Mike Rankin over at InDesign Secrets has a great article describing the inconsistent leading problem, why it happens and how to fix it.
This is some fantastic advice for designers of all disciplines, but particularly web designers. Ask good questions. The right questions. This is the foundation of a good creative brief.
My personal favorite is to simply ask “what is the goal?” The article even illustrates it almost exactly how I typically phrase it.
Janice Gervais at A List Apart covers that question and more, and ends the article with a bit of design truth: “Your work reflects your level of understanding.”
Adobe InDesign’s Baseline Shift feature is designed for moving a character up or down a little bit—and it’s great for when a bullet is too low, or a trademark symbol needs to move down, or something like that. But it was not designed for setting the vertical position of a whole line or paragraph!
David Blatner has a great run-through at InDesign Secrets on how and when to properly adjust the Baseline of your text.
Unless you’re a heavy-duty Illustrator user, you probably didn’t even know you could do some of this stuff. This how-to video is worth taking a look at.
A Mixture of Vitality, Relaxation and the Great Outdoors
From colors that are bright and vivid to those that convey a sense of earthiness, our top 10 colors for spring 2017 are reminiscent of the hues that surround us in nature.
Take a look at Pantone’s Spring 2017 Fashion Color Report.
I was fortunate enough back in 1997 to be part of a team of Adobe beta testers for an app called K2, which would later become InDesign 1.0. Even having come from Pagemaker, then years of Quark use, and a buggy as hell K2 beta, I could see even then that InDesign was going to thoroughly destroy the competition and take over the industry in short order. It ended up doing just that—despite its lack of features in version 1.0.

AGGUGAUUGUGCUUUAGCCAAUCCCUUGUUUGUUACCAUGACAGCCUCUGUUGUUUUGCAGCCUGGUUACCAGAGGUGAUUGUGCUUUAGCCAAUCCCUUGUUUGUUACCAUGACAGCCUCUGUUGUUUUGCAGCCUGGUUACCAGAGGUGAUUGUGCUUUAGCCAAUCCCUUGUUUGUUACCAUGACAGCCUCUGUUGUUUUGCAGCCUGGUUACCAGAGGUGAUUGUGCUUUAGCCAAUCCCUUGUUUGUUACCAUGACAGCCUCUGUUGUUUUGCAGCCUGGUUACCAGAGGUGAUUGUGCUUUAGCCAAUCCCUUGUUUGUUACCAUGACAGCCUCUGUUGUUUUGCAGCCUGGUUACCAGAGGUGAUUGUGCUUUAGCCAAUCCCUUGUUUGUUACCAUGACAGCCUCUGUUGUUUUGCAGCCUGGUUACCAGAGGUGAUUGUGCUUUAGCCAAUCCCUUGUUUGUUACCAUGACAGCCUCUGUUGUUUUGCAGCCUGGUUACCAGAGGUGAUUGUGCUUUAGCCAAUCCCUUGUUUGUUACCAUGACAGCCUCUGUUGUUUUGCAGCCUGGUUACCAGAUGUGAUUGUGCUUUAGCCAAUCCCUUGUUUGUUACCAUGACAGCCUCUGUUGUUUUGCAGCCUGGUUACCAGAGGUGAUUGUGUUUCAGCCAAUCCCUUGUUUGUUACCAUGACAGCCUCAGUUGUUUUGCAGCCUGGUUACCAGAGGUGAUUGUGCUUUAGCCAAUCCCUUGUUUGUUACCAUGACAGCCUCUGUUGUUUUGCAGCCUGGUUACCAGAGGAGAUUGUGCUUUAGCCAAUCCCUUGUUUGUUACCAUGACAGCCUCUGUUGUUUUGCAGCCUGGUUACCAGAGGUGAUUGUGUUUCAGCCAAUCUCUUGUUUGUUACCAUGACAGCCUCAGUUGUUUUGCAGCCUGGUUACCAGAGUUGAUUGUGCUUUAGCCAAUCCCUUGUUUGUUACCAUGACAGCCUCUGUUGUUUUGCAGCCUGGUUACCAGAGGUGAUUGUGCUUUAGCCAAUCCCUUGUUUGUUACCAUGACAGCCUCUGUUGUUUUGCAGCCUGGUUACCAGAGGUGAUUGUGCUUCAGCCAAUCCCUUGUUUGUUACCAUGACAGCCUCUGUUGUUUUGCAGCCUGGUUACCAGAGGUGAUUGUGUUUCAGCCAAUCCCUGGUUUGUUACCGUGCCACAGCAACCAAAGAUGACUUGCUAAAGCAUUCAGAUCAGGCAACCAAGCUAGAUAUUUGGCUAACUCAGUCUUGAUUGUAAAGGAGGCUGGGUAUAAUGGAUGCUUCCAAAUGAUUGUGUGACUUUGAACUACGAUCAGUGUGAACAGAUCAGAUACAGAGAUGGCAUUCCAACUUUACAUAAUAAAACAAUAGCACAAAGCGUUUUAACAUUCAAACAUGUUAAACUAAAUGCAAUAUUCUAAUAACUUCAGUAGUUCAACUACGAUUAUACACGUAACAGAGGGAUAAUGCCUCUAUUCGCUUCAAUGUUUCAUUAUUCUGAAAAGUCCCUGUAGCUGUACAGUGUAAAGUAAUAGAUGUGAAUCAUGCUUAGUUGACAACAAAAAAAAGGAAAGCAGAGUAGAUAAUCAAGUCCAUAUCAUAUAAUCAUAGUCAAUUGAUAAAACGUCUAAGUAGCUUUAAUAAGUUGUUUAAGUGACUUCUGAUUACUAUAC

James Wamser, an Adobe Certified Instructor, has put together a list of features Adobe has added to InDesign since… well, since ever. I’m not sure how useful his PDF will be to you, but it’s possible that you read through and find out about a feature you weren’t even aware of that’s been there for years.
Download the InDesign New Feature Guide, a 1.5MB PDF, for free.
If you’re using Photoshop to work on your image then switch to another app like Safari, Mail, InDesign, etc., then switch back to Photoshop, you may notice that Photoshop gets a little laggy or even stuck.
Conventional wisdom says you need more RAM. Unfortunately that is neither cheap nor possible with most Macs. A fast SSD drive will help, but again it’s neither cheap or even possible to upgrade your storage drive on most Macs anymore.
The solution might be found in Photoshop itself.
Go in to your PS Preferences (Command+K) and choose the Performance tab from the list on the left. Once in the dialog, tick the Use Graphics Processor checkbox if it isn’t already checked, click the Advanced Settings button. Change the Drawing Mode drop-down menu from Advanced to Normal (if it’s already set to Normal, change it to Basic). Also make sure Use Graphics Processor to Accelerate Computation and Use OpenCL/GL are checked. Hit OK and you’re done
This will tell Photoshop to use your Mac’s video card to help with the heavy lifting, but not to over-do it.
While you’re in the Performance tab, you might also want to set the Memory use to about 70%. Over the years I’ve found that using much more than that of your total RAM for Photoshop has more negative effects than positive ones.